A direct question, I’m sorry to say, must now be asked of Christians. Are we trapped in hatred? If we define “hatred” as dictionaries do – “intense dislike or ill will” – it would not be hard to find a sizable minority in America who actually hate Donald Trump. So, do you hate Trump if it means “intense dislike”? That question plucks a noisy nerve in the conscience.
Is hatred more than intense dislike? Yes. If we dig a bit deeper and consider Robert Sternberg’s three-pronged analysis of hatred (from Wikipedia’s summary), we get more nuance but I’m not sure the haters shift. Sternberg says hatred is marked by “a negation of intimacy, by creating distance when closeness had become threatening” and “an infusion of passion, such as fear or anger,” and then completed by “a decision to devalue a previously valued object.” Which leads to three questions: Do you find yourself repelled by the man? Do you find an infusion of the passions of fear or anger when you see him or hear him? Do you now degrade him and devalue him as a person?
Perhaps you will say that it’s righteous indignation and not hatred. All but the blindly devoted have reasons to disagree with the President and his actions and his decisions and what manners he has left, and sometimes with deep passion. So, righteous indignation has merit as a defense, in which case the issue is not the person but the policies, the decisions, and platform. Or the damage he has done to the nation, or his adolescent use of Twitter, or his despicable treatment of women, or … or … . Maybe you explain this hatred by Girard’s scapegoat theory, and that might help.
My take on the situation in America, however, is that most that I observe – a high percentage of the FB feed – are not infected simply with righteous indignation or scapegoating. It’s gone deeper to actual hatred. It has boiled over into the non-stop intoxication with posts and updates and tweets. It’s become all-day amgydala stimulation.
As a theologian it is not my passion to adjudicate politics, nor am I educated in or trained in politics. I’ve read enough of politics to know my ignorance, and one source I recommend is Alan Ryan’s On Politics. What I do care about is how infected church folks are with hatred for Donald Trump. It scares me.
Not that I’m for Trump because I’m not. I’m concerned about our Christian character in our response to him. The greatest heroes of the 20th Century who opposed regimes and wanted regime change where not agents of hatred but agents with a firm resolution to work for justice and peace. Their passion did not convert them into agents of hate but agents of dogged determination and tireless work for change. I’m thinking of Dietrich Bonhoeffer, Martin Luther King, Jr., and Nelson Mandela. You may think of others.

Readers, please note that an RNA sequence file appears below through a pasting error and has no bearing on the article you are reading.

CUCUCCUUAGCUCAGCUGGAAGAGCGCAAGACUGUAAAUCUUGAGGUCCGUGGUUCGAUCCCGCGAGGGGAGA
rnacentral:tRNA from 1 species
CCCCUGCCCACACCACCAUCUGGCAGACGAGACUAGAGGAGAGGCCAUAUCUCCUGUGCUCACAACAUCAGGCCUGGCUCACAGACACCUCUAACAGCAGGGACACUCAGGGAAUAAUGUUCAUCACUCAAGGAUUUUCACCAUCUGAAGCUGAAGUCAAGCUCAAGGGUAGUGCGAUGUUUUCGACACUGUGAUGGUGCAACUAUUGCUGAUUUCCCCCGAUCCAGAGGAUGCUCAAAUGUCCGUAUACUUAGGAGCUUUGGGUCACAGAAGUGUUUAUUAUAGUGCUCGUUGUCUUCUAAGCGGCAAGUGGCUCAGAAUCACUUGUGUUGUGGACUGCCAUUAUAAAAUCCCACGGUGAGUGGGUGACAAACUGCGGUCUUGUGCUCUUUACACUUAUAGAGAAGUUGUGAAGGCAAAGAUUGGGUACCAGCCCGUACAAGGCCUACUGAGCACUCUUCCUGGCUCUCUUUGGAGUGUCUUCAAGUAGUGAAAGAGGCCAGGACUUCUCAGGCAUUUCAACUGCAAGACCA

Image: Cover Photo
May I suggest three considerations for us to respond to our current crisis with Christian character?
First, the A#1 calling of each of us is to love God and to love others. I call this the Jesus Creed and we need to repeat its words daily. Several times perhaps. A daily habit might remind us of our calling and temper our social media outbursts of anger and hatred and even rage. Here’s the Jesus Creed:
Jesus answered, “The first is, ‘Hear, O Israel: the Lord our God, the Lord is one; you shall love the Lord your God with all your heart, and with all your soul, and with all your mind, and with all your strength.’ The second is this, ‘You shall love your neighbor as yourself.’ There is no other commandment greater than these.” (from Mark 12:29-31)
If you recite this often enough it will worm its way into your bones and your hatreds will be exposed (among other bad habits).
But Jesus, as he often does, takes this to a much deeper level: he calls us to love our enemies, and I’m certain that many Christians today see Trump as the enemy. Is there any doubt they do? Since there is none, we can move on to a second consideration. The way of the empire gets him preaching: “You have heard that it was said, ‘You shall love your neighbor and hate your enemy.’ But I say to you, Love your enemies and pray for those who persecute you, so that you may be children of your Father in heaven” (Matthew 5:43-44). Love and then pray, that’s the way of Jesus. Hatred is something we have to put in our past because we have learned the way of love in following Jesus. As the apostle Paul reminded one of his audiences, “For we ourselves were once foolish … hating one another” (Titus 3:3).
This may well enflame some folks but, third, some words of an early Christian leader (said in the crucible of being hated by others) must be considered and here’s why: the Christian is to be known for love, not hatred. Our sibling relationships are strained by what many of us see in Trump’s history and practice, but are we not at least to learn from our non-hatred of our ecclesial siblings not to hate those who are not, too? Do we not learn our relations in the church and spread them into society?
1 John 2:9 Whoever says, “I am in the light,” while hating a brother or sister, is still in the darkness.
1John 2:11 But whoever hates another believer is in the darkness, walks in the darkness, and does not know the way to go, because the darkness has brought on blindness.
1John 3:15 All who hate a brother or sister are murderers, and you know that murderers do not have eternal life abiding in them.
1John 4:20 Those who say, “I love God,” and hate their brothers or sisters, are liars; for those who do not love a brother or sister whom they have seen, cannot love God whom they have not seen.
Those whose passions are absorbed with hatred are defined by the other and locked down to the other, not defined or locked down by the Other who showed us the path of love for the other on a cross.